“The Lost Children of Guatemala,” from Le Temps

By Erin Segal

July 29, 2011 / findingfernanda.com

The Swiss newspaper Le Temps, which is published in French, has a new article out about adoption fraud and ongoing kidnappings in Guatemala. The piece was translated from French into English by WorldCrunch, a news aggregation site.

Here’s how it begins:

“Maria Leticia Ispaché spent just one night with her son, Christopher, after giving birth in Guatemala City’s Roosevelt Hospital. Throughout the night she listened to his small hesitating cries. The next morning, one by one, the women next to her in the maternity ward room were allowed to leave with their newborns. “I was alone with my baby when a nurse arrived,” she says. The stranger asked if the baby had already been vaccinated. She took the child and never came back. Leticia Ispaché alerted the hospital, the police and television channels. One year later, she says sadly: “We don’t even have pictures to look for him.”

It goes on to talk about how Guatemala is struggling to combat child trafficking, even though the adoption industry is officially on hold, insinuating that “children are still being shuttled out of the country under questionable circumstances.”

“…with the help of a UN judiciary body called the International Commission against Impunity in Guatemala (CICIG), authorities are working to dismantle the networks that are thought to falsify at least six out of 10 adoption records. The networks are thought to include an army of scriveners, judges, doctors and directors of orphanages who falsify identities, DNA tests and photos.”

“The intermediary American agencies like Celebrate Children International were aware of what was really going on,” says Carolina Pimentel, a CICIG lawyer.”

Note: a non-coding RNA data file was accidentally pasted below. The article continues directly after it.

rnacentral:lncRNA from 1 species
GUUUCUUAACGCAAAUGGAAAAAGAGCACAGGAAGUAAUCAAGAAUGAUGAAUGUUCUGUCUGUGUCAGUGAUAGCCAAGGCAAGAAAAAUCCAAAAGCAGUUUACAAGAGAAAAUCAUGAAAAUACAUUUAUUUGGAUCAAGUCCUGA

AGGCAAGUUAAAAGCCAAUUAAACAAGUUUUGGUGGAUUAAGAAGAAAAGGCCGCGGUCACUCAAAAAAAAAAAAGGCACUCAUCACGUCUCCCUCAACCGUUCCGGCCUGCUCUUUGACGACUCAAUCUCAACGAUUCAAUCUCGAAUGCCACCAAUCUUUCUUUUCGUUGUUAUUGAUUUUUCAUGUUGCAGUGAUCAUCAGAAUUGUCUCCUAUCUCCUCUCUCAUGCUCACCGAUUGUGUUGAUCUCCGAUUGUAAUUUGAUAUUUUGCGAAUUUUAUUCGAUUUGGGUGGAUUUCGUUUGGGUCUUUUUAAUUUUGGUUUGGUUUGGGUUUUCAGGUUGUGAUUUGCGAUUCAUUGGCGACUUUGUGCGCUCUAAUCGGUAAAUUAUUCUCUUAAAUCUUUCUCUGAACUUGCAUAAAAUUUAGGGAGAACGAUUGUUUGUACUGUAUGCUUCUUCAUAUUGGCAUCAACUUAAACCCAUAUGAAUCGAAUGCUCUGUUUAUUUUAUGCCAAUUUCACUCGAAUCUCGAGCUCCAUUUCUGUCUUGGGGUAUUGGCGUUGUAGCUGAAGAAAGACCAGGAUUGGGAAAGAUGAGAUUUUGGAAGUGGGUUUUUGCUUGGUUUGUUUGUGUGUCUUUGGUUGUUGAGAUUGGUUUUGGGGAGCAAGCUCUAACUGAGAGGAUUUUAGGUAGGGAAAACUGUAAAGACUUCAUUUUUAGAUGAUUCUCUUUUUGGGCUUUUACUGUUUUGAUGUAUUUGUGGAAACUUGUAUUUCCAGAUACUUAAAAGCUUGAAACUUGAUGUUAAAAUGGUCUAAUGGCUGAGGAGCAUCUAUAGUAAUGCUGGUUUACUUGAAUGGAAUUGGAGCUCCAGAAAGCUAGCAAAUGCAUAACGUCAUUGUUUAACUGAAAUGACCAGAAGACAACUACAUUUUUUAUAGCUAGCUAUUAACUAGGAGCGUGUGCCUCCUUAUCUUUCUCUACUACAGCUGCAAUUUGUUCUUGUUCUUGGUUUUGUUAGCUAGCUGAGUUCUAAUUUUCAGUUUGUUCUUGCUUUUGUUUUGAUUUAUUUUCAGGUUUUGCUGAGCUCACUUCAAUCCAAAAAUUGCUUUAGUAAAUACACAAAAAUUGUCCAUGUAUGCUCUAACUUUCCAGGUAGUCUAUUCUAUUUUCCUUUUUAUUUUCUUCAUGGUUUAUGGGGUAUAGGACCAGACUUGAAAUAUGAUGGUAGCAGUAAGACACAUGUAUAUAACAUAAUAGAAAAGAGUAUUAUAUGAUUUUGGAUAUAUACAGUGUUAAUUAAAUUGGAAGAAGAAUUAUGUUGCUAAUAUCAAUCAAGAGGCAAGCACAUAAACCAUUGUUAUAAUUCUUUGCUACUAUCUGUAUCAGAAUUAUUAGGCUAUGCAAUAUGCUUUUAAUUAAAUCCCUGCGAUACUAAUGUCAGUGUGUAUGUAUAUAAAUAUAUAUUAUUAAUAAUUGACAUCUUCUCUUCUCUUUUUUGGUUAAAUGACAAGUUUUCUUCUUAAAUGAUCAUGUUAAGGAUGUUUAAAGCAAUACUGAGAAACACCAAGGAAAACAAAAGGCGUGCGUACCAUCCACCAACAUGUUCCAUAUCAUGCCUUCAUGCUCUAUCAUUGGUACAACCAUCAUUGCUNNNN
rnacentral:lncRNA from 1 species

It closes by discussing how “new tricks” for adopting Guatemalan children have been implemented.”Some foreigners register their babies as biological children thanks to the help of crooked civil servants,” the article states. If I had to guess, I’d imagine that this reference is to the new international surrogacy agencies like Surrogacy Partners that have cropped up in the dust of Guatemala’s adoption freeze. Surrogacy Partners is run by the former Guatemalan adoption Carla Giron Harding (who happens to be in my book, Finding Fernanda) and her husband Jim Harding, former director of the now-defunct World Partners Adoption, Inc. The blog PoundPupLegacy has a breakdown of connections between Surrogacy Partners and World Partners Adoption, Inc. on their website here.

The Le Temps piece also claims that “…certain associations have been accused of sidestepping Guatemala’s freeze on foreign adoptions by taking pregnant Guatemalan teenagers to give birth in neighboring El Salvador.” This part is a bit of a stretch. Though many Salvadoran women came to Guatemala to give children in adoption while the industry was still running, the reverse is a bit more complicated. According to the Department of State, only 10 Salvadoran kids came to the US in 2010. In 2009, the number was 9. Adopting from El Salvador requires anywhere from 18 to 36 months, says the State Department, and every single case is “investigated” because “adoption fraud in El Salvador has taken a variety of forms.”

The English translation of the piece is available on the WorldCrunch website here: “ADOPTION SCANDAL: THE LOST CHILDREN OF GUATEMALA.” The original piece in Le Temps, by Vincent Taillefumier Bogota, is here: ”Le Guatemala à la recherche de ses enfants volés.” 

0

Same names over and

Same names over and over and over. Funny how the name Celebrate Children International and Karla Giron (Harding), keep popping up, no surprise there. It boggles my mind how people can use agencies with a history of corruption. A simple google could enlighten a few PAPs before they fork over the money. Sadder is that there are APs that defend folks like these. Sick.

Pound Pup Legacy